In 2016, Germany was adjusting to the arrival of more than 1 million migrants the previous year, and Saxony-Anhalt was struggling against looming unemployment. While pollsters had predicted that the AfD, which made itself the anti-immigration party after forming in 2013 to protest the euro, would easily earn seats in the statehouse, no one expected it to come in second, winning more than 24% support from the region’s 2 million voters.

Since then, AfD has swung even further to the right, capturing the attention of the country’s domestic intelligence service, which placed the party’s leadership under observation over concerns about its anti-Semitic, anti-Muslim expressions and links to extremists. The party’s branches in Brandenburg and Thuringia are also under scrutiny, while an attempt to observe the national party has been put on hold pending the outcome of a legal challenge.

The AfD in Saxony-Anhalt “has become very strong, despite the various messy and dubious scandals,” said Alexander Hensel, a political scientist at the Institute for Democracy Studies at the University of Göttingen, who has studied the party’s rise in the region. “Instead of breaking apart, they have consolidated, becoming an increasingly radical opposition force.”

The continued support for AfD in places such as Saxony-Anhalt has created a split among many mainstream conservatives over whether the Christian Democrats should be willing to enter a coalition with the far-right party if needed.

Laschet has made his opinion clear in recent days. “We don’t want any sort of cooperation with the AfD at any level,” he said in an interview with public broadcaster Deutschlandfunk.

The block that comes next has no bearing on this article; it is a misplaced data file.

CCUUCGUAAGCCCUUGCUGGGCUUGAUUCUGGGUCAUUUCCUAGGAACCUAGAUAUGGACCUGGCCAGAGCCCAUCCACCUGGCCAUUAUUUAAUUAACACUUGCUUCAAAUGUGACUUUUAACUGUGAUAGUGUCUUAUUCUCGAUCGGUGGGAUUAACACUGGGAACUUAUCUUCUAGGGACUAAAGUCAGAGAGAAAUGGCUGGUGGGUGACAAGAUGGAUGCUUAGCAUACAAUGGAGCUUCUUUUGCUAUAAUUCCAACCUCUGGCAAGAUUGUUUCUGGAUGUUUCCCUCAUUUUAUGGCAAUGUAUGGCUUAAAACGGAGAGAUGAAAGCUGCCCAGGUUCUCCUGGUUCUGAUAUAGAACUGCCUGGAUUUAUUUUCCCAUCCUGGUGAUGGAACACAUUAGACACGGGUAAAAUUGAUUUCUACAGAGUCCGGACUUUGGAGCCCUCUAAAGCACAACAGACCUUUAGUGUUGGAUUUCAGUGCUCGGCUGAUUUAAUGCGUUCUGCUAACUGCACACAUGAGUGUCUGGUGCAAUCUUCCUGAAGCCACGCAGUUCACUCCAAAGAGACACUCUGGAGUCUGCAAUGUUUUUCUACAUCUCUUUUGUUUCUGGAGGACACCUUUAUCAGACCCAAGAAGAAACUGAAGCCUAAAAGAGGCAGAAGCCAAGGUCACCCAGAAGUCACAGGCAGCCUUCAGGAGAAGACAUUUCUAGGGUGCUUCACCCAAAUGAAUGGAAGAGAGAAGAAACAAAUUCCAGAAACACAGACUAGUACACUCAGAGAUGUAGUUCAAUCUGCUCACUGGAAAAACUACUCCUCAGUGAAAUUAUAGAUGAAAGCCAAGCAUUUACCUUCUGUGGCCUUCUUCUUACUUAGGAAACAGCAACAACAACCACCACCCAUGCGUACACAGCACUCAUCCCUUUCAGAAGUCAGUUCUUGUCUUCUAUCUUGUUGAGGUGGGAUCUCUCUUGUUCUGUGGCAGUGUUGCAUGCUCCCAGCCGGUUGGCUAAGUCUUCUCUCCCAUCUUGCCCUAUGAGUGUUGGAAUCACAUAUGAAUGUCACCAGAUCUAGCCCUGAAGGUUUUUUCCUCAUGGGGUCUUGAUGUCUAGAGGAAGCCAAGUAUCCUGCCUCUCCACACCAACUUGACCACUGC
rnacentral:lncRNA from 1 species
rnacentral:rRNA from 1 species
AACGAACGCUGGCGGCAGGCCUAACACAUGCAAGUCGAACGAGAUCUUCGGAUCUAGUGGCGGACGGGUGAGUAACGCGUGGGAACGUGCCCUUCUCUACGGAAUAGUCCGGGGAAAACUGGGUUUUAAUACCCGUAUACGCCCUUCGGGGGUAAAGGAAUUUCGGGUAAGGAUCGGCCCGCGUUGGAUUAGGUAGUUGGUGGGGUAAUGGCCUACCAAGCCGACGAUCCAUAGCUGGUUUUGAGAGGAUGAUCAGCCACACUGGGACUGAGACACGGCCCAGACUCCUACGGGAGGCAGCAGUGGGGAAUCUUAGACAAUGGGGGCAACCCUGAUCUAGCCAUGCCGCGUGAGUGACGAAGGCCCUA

But with the jockeying for the future direction of the Christian Democratic Union underway after 16 years under Merkel’s largely centrist leadership, some members on the party’s right flank see her exit as a chance to shift harder to the right.

In December, the conservative governor of Saxony-Anhalt, Reiner Haseloff, a Christian Democrat who is running for another term, fired his interior minister for seeming to float the possibility of a minority government, supported by the AfD.

Haseloff has based his campaign on promising stability as the country begins to emerge from the pandemic, with a pledge to help improve the standard of living in rural areas, many of which lack enough teachers, medical professionals and police officers.

Among the other parties, the Social Democrats and the Left are both polling in the 10% to 12% rage, largely unchanged from where four years ago.

Both the Free Democrats and the Greens are predicted to see their popularity roughly double from where they stood in 2016, which could make it easier for Haseloff to build a government if he is returned to office. Analysts said regional gains for them were unlikely to have wider repercussions for the national race.

“Saxony-Anhalt is a very specific situation, they are coming from a unique history,” said Hensel, the political scientist. “But regardless of whether the Greens earn 10% or the Free Democrats 8% of the vote, a quarter of voters support the AfD. That is worth paying attention to.”